ATLANTA — A federal appeals panel’s ruling striking down the centerpiece of President Barack Obama’s health care overhaul moves the question of whether Americans can be required to buy health insurance a step closer to the U.S. Supreme Court.
A divided three-judge panel of the 11th Circuit Court of Appeals ruled Friday that Congress overstepped its authority when lawmakers passed the so-called individual mandate, the first such decision by a federal appeals court. It’s a stinging blow to Obama’s signature legislative achievement, as many experts agree the requirement that Americans carry health insurance — or face tax penalties — is the foundation for other parts of the law and key to paying for it.
Administration officials said they are confident the ruling will not stand. The Justice Department can ask the full 11th Circuit to review the panel’s ruling and will also likely appeal to the Supreme Court.
Legal observers long expected the case would ultimately land in the high court, but experts said Friday’s ruling could finally force the justices to take the case.
“There needs to be a pronouncement that’s nationwide,” said Carl Tobias, a professor at the University of Richmond School of Law. “It would be almost impossible to implement it if we have splintered decisions from different geographic circuits. The Supreme Court may feel now it has to take it.”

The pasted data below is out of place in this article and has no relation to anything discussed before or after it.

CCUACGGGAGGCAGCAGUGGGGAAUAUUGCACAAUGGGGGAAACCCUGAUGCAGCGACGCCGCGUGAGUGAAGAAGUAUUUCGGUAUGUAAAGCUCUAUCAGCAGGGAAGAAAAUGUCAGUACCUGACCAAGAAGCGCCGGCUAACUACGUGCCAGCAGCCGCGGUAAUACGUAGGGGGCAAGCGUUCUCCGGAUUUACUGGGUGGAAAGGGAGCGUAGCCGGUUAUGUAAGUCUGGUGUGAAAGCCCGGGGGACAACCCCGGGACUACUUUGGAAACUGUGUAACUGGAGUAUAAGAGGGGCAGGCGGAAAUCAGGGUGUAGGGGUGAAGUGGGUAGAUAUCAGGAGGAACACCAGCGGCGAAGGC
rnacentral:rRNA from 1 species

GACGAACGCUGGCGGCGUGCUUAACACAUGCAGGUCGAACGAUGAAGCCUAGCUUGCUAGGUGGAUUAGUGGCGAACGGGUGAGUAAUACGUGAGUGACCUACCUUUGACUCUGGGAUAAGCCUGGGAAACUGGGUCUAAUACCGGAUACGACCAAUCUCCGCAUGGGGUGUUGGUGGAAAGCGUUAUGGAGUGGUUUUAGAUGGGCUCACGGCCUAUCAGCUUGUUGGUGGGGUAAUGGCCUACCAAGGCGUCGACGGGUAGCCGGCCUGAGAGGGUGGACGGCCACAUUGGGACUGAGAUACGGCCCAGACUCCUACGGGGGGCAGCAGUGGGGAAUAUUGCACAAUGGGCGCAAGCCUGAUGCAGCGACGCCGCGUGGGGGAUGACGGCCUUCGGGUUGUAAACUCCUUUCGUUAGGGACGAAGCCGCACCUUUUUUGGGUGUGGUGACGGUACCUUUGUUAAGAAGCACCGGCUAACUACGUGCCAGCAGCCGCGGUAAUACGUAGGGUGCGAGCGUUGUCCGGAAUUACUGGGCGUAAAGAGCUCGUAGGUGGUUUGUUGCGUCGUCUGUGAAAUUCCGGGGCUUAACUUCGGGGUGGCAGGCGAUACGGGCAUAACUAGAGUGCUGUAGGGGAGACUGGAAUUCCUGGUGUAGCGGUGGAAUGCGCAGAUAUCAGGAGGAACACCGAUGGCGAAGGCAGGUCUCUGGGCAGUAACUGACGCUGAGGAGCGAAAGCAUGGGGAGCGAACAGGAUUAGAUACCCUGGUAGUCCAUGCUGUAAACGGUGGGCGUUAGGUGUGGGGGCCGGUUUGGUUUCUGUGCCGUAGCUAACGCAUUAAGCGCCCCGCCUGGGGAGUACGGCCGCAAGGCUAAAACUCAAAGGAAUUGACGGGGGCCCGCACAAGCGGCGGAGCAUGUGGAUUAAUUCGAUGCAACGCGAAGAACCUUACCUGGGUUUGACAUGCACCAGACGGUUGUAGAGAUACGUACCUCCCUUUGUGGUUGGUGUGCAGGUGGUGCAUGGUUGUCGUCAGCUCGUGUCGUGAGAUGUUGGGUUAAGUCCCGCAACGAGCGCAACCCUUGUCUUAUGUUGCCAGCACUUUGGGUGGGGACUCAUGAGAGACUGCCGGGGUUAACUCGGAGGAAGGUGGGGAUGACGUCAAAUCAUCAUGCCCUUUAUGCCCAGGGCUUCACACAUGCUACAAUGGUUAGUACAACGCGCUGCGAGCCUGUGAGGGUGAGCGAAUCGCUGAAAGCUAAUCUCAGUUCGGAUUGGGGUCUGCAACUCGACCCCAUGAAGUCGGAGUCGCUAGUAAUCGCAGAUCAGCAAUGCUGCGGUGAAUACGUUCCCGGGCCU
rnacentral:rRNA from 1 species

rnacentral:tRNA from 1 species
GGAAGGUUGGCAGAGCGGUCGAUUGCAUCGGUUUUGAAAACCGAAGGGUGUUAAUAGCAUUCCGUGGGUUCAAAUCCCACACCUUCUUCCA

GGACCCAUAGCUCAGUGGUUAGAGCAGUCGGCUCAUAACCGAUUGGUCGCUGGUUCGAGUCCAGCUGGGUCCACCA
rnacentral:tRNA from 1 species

J. Peter Rich, a Los Angeles-based health care attorney, said the Supreme Court had never weighed in on an issue such as the provision requiring individuals to buy health insurance.
“They have never ruled on this specific issue,” he said. “This really is a case of first impression, although the Obama administration may try to argue otherwise.”
Rich said it’s not unconstitutional for individual states to have such requirements, noting that Massachusetts has a similar law in place. However, the high court has yet to weigh in on whether a federal requirement passes muster.
In the Atlanta ruling, Chief Judge Joel Dubina and Circuit Judge Frank Hull found in a 207-page opinion that lawmakers cannot require people to “enter into contracts with private insurance companies for the purchase of an expensive product from the time they are born until the time they die.”